If a teacher told students that they would be tested on only three chapters of the textbook, would they bother to read the rest? Ranking systems for law schools and hospitals, employee reward schemes, and other incentive systems make just that mistake: revealing too much about their ranking criteria.
When organizations or individuals know how an incentive scheme works, they’re likely to try to game the system in order to come out on top. Being opaque about precisely what ranking criteria are used can make incentive schemes more effective, according to a new study by Florian Ederer, assistant professor of economics at Yale SOM, and his co-authors.
Their results, published in the RAND Journal of Economics, offer solutions to a problem that scientists have grappled with for nearly 200 years. As early as 1830, philosopher Jeremy Bentham proposed that being less transparent about the content of civil service selection tests would drive people to study harder for them.
“Even though these ideas are old, gaming is still incredibly widespread,” Ederer says. “People don’t fully realize that using explicit incentive schemes leaves these incentive schemes open to being exploited.”
For example, if one ranking criterion for hospitals was how much time patients spent in a waiting room, the hospital might simply have patients wait in exam rooms—reducing “wait times” as measured by the ranking scheme.
Ederer and his co-authors Margaret Meyer and Richard Holden created a model showing how three factors influenced whether a person (or organization) tried to game an incentive scheme: the agent’s risk aversion, the agent’s knowledge of the environment, and the incentive designer’s desire to balance agents’ efforts among different activities.
They found that all three factors worked together to explain why transparent incentive schemes were more susceptible to gaming. Without any one of these three, the need for opacity disappeared.
When people or organizations know precisely what they’re being rewarded for, and they know their own environment well enough, it’s easy to find ways to focus on tasks that require less effort but hold value in the incentive scheme. But a person who is averse to taking risks and unaware of how they’re being ranked is still likely to hedge their bets by balancing their efforts across all aspects of performance.
Using the model, the researchers could predict when opacity paid off—and when it didn’t. Consider, for example, office workers who are unaware of whether they’re being evaluated for speed, accuracy, punctuality, or customer satisfaction. While a risk-averse person may choose to expend efforts on all four aspects of the job, a speedy, risk-taking worker might take the chance that being quick matters the most, and continue to focus on pace alone.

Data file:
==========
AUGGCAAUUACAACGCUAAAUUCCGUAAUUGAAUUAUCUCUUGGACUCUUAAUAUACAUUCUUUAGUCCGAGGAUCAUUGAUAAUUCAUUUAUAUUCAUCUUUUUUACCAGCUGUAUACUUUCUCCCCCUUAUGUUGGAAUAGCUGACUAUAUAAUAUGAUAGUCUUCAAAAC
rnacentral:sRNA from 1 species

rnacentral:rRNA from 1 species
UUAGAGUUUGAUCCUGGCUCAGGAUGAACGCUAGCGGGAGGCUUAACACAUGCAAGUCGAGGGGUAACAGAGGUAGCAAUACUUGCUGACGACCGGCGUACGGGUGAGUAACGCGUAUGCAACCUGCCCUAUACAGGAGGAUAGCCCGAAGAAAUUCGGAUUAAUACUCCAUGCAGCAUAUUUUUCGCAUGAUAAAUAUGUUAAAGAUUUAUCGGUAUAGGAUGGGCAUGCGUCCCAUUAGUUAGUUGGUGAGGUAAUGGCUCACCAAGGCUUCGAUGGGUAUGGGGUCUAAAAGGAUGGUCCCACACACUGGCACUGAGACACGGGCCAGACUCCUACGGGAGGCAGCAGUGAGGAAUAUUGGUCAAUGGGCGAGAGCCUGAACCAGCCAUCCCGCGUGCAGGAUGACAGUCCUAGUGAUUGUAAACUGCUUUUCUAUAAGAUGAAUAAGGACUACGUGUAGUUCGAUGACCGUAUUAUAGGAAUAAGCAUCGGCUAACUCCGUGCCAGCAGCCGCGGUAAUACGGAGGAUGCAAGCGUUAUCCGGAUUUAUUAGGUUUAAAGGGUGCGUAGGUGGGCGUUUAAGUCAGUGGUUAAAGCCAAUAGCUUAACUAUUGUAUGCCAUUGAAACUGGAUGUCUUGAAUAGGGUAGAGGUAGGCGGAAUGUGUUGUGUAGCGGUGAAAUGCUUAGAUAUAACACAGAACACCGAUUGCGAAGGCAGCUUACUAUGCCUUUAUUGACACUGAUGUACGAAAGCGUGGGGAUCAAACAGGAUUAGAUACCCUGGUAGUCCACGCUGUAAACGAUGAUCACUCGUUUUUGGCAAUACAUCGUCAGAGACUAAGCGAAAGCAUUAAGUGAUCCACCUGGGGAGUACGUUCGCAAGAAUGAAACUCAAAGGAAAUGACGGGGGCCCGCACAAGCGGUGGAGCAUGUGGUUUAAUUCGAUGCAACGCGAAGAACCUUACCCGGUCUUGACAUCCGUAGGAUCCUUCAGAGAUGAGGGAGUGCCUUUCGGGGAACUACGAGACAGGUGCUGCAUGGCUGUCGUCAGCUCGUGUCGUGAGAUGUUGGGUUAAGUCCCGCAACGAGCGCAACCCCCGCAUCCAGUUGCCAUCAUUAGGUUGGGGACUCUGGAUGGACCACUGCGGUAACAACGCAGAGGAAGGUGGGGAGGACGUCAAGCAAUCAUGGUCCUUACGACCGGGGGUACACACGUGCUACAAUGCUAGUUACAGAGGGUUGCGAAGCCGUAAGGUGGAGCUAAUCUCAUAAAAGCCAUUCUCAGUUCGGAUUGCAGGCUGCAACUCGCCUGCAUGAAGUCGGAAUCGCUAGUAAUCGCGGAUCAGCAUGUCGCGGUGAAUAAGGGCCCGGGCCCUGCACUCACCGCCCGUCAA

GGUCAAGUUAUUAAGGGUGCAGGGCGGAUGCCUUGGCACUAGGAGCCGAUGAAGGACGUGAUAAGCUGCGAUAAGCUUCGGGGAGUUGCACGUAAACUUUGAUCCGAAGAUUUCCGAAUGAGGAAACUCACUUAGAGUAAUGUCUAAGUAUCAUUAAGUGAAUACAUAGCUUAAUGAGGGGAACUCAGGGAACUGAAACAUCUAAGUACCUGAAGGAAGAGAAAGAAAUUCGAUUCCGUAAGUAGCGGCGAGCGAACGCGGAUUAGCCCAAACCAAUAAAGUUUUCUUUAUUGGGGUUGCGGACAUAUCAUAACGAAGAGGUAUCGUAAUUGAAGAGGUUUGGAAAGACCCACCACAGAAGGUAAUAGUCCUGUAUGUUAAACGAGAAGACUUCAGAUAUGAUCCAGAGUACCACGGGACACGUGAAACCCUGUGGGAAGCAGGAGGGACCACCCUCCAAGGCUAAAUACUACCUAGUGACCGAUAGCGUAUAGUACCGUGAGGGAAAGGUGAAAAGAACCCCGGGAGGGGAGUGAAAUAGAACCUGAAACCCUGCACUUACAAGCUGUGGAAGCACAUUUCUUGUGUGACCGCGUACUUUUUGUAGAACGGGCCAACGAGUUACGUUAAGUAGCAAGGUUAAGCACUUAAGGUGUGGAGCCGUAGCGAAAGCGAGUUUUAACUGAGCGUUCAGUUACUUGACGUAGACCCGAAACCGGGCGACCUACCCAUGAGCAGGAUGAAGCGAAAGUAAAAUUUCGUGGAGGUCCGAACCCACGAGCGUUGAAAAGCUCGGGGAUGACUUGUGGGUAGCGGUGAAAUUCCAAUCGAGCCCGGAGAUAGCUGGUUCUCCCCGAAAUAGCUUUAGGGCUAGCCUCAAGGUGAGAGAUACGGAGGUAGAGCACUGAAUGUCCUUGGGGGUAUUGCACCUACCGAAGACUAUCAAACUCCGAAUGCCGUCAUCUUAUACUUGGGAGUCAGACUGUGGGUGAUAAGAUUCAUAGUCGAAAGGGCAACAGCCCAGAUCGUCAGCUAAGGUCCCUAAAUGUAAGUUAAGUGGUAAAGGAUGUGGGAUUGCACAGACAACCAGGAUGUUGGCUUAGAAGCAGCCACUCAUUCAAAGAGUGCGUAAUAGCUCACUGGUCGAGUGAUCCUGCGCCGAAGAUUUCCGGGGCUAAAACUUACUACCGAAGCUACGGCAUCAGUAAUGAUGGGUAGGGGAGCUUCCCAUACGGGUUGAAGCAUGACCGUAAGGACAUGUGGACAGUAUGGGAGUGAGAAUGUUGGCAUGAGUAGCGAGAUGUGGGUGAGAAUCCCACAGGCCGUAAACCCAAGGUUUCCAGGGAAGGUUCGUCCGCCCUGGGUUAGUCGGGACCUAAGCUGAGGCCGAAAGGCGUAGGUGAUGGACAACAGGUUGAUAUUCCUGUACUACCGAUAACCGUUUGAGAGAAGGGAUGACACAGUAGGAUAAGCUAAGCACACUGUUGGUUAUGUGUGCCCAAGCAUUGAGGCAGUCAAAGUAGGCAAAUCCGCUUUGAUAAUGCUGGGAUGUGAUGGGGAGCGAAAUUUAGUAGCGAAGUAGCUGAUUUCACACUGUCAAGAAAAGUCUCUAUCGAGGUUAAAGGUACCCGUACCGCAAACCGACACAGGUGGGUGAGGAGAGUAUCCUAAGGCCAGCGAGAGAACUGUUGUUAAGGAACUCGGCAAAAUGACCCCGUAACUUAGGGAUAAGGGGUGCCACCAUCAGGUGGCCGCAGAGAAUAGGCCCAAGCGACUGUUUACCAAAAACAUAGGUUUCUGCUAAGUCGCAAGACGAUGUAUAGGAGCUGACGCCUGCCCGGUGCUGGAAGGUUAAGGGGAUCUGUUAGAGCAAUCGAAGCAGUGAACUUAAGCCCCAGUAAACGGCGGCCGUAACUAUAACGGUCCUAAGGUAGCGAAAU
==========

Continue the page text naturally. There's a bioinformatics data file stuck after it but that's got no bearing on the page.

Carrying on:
Ederer’s findings upend the conventional wisdom that opaque incentives are always less effective.
“There’s a long literature that says any additional randomness or opacity introduced in an incentive scheme can’t be good for the incentive designer,” he says. “But we found these situations where adding some uncertainty to the mix led to less gaming.”
Opacity does have a price: since players must put in more effort across the board, the rewards must be worthwhile. Otherwise, they’re unlikely to participate in the incentive scheme.
Incentive designers should factor in all three criteria to refine how players earn high rankings. Transparency is likely to make participants focus on specific, low-effort, high-reward tasks; opacity will require larger rewards, but result in participants exerting more effort across the board.
There’s already real-world evidence that substantiates the researchers’ findings. U.S News’ influential law school rankings used a transparent methodology and linear scoring, so law schools tweaked their strategies—by decreasing the number of full-time students so they’d show higher median LSAT scores, for example. After reports of such gaming, U.S News has said they intend to move toward being less transparent about their ranking methods.
The results apply to school rankings, employee performance incentives, sports, and a wide range of other scenarios, Ederer says. “When laid out in this model, everything we show sounds very intuitive,” Ederer says. “What’s surprising is that we could nicely highlight situations where either transparency or opacity is optimal. Ultimately, our goal is to learn how to design good, effective incentives for complex situations.”